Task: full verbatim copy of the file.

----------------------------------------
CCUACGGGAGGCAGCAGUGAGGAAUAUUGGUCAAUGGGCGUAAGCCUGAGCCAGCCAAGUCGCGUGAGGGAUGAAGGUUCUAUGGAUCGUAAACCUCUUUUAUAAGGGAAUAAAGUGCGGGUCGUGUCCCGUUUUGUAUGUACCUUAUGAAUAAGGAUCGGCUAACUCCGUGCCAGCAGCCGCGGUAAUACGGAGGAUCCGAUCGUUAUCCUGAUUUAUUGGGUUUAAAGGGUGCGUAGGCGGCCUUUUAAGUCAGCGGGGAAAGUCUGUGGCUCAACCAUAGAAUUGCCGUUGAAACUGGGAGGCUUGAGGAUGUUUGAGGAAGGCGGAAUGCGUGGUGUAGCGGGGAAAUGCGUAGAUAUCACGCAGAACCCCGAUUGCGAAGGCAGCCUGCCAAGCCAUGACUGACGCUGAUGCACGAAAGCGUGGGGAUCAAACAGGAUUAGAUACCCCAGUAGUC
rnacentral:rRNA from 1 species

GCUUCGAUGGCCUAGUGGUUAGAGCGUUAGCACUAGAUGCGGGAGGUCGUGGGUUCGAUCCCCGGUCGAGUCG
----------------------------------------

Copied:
CCUACGGGAGGCAGCAGUGAGGAAUAUUGGUCAAUGGGCGUAAGCCUGAGCCAGCCAAGUCGCGUGAGGGAUGAAGGUUCUAUGGAUCGUAAACCUCUUUUAUAAGGGAAUAAAGUGCGGGUCGUGUCCCGUUUUGUAUGUACCUUAUGAAUAAGGAUCGGCUAACUCCGUGCCAGCAGCCGCGGUAAUACGGAGGAUCCGAUCGUUAUCCUGAUUUAUUGGGUUUAAAGGGUGCGUAGGCGGCCUUUUAAGUCAGCGGGGAAAGUCUGUGGCUCAACCAUAGAAUUGCCGUUGAAACUGGGAGGCUUGAGGAUGUUUGAGGAAGGCGGAAUGCGUGGUGUAGCGGGGAAAUGCGUAGAUAUCACGCAGAACCCCGAUUGCGAAGGCAGCCUGCCAAGCCAUGACUGACGCUGAUGCACGAAAGCGUGGGGAUCAAACAGGAUUAGAUACCCCAGUAGUC
rnacentral:rRNA from 1 species

GCUUCGAUGGCCUAGUGGUUAGAGCGUUAGCACUAGAUGCGGGAGGUCGUGGGUUCGAUCCCCGGUCGAGUCG